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What does web2.0 mean for operators?

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This presentation explores some of the challenges faced by operators in the Web 2.0 environment

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What does web2.0 mean for operators?

  1. 1.
  2. 2. Web 2.0<br />REF: Wikipedia<br />
  3. 3. What is Web 2.0?<br />Collaboration, interactivity, shared information<br />Client / server<br />App stores vs applications that leverage telco capabilities<br />Communications enablers<br />Where is the money?<br />http://tinyurl.com/157appstats<br />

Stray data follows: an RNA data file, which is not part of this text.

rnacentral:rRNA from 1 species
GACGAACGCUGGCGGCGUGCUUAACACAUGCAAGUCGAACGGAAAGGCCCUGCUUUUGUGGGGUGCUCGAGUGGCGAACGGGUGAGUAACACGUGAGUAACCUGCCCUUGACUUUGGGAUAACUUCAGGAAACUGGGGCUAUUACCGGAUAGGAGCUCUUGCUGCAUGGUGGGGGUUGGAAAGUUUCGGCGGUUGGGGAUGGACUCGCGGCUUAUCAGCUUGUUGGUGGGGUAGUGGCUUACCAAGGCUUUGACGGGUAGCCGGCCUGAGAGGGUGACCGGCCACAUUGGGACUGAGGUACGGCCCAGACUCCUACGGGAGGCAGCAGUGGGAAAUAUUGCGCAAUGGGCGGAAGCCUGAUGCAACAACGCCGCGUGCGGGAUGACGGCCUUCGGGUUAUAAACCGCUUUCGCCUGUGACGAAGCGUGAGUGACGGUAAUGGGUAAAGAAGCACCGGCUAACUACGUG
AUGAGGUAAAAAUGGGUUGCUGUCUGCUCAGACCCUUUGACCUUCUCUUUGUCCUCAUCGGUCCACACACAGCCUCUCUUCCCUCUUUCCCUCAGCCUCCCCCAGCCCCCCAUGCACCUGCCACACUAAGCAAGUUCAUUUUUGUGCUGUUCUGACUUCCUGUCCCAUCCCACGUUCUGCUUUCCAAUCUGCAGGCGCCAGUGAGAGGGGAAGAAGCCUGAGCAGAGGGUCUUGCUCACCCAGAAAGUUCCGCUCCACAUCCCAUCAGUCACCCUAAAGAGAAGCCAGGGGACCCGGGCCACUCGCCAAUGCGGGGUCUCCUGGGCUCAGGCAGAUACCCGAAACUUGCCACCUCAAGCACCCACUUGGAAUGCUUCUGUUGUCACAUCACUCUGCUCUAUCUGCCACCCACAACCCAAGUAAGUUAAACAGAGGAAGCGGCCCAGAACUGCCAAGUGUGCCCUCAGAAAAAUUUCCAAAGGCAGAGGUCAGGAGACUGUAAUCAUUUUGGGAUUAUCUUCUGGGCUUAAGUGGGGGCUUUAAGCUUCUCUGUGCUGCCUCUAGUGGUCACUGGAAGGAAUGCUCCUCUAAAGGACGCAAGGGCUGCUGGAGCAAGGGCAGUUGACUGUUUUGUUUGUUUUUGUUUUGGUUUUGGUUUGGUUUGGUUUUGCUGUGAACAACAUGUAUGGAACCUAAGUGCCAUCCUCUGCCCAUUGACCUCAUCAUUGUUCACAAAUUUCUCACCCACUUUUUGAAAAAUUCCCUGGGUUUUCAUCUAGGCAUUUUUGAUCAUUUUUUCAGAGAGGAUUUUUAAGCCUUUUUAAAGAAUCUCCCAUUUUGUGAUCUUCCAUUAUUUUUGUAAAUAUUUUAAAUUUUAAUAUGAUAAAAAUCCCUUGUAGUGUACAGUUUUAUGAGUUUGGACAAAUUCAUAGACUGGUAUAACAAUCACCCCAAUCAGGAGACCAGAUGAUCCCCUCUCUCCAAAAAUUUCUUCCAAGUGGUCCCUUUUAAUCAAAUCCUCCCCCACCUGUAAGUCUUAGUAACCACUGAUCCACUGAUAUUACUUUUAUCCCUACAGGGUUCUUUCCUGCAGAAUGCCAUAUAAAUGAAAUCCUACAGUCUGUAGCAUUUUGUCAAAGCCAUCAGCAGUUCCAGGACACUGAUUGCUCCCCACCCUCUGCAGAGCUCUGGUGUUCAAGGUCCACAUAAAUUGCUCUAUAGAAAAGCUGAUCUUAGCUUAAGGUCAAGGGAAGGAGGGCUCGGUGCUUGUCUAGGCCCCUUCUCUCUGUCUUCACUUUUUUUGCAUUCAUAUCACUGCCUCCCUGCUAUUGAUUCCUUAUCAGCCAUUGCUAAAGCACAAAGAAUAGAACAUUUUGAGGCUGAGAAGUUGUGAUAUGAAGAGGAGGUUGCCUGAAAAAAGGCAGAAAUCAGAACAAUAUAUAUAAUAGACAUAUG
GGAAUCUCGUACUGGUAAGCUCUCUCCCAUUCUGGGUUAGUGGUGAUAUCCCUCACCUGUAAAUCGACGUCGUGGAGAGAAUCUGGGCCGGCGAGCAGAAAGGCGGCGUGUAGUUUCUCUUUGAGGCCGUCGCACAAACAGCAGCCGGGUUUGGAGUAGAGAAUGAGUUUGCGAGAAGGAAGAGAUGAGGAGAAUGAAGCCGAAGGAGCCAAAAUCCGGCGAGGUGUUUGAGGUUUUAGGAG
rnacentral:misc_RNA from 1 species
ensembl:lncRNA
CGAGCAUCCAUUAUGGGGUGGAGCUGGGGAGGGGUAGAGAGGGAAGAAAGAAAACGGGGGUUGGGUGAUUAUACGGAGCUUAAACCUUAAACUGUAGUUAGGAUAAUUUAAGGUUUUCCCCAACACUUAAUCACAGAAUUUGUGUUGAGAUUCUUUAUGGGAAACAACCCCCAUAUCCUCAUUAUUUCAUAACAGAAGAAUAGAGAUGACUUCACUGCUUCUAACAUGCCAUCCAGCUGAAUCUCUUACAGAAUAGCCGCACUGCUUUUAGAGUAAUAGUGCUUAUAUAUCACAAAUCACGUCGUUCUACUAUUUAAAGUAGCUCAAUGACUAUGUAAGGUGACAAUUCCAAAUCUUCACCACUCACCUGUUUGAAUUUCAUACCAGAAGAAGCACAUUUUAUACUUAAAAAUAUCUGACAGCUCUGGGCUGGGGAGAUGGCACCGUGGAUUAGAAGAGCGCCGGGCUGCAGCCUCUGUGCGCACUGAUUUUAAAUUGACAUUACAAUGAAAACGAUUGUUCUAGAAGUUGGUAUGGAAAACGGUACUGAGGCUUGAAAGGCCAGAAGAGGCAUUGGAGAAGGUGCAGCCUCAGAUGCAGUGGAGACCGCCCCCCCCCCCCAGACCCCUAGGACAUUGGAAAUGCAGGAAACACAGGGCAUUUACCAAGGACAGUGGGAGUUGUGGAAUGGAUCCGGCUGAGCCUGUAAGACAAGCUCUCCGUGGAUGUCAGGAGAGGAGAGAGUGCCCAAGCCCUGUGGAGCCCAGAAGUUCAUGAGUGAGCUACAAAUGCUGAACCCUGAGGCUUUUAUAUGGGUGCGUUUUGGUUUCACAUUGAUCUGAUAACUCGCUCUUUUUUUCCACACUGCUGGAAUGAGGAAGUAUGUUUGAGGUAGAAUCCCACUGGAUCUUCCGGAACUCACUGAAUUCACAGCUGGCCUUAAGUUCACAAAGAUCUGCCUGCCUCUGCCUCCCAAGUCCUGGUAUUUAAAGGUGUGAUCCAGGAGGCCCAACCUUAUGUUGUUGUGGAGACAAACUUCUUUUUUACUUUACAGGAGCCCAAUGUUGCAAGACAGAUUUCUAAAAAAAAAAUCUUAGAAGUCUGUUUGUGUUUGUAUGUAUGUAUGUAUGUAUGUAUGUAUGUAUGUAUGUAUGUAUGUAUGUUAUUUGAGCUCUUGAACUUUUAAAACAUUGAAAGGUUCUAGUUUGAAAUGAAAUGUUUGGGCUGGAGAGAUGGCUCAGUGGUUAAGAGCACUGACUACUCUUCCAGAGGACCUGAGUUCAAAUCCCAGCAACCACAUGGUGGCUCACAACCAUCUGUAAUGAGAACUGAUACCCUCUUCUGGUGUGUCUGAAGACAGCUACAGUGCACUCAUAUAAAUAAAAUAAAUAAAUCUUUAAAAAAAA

4. 4. App Stores?<br />How much money does 1 billion app downloads generate?<br />Not That Much! <br />Ratio of free to paid apps:<br /> 1:15 and 1:40, <br />The mean price for paid apps $2.65. <br />Apple’s 30%, puts their share at $20-45 million per billion downloads<br />REF: Moriana / RCL<br />
  5. 5. Communications: Mobile voice<br />In 2009, Voice together with SMS, <br />85% of the world's $800 billion per year mobile services market<br />Where is the money for telcos?<br />Services that leverage voice and telco resources are much more interesting than free games <br />Or railway timetables<br />REF: Moriana / RCL<br />
  6. 6. IMS and Web 2.0<br />This is an opportunity<br />Figure 46: Why is Web 2.0 a threat to telecoms (CSPs) © Moriana IMS and RCS Report 2009<br />
  7. 7. Can You Reach This Market?<br />What can you offer Web 2.0 companies?<br />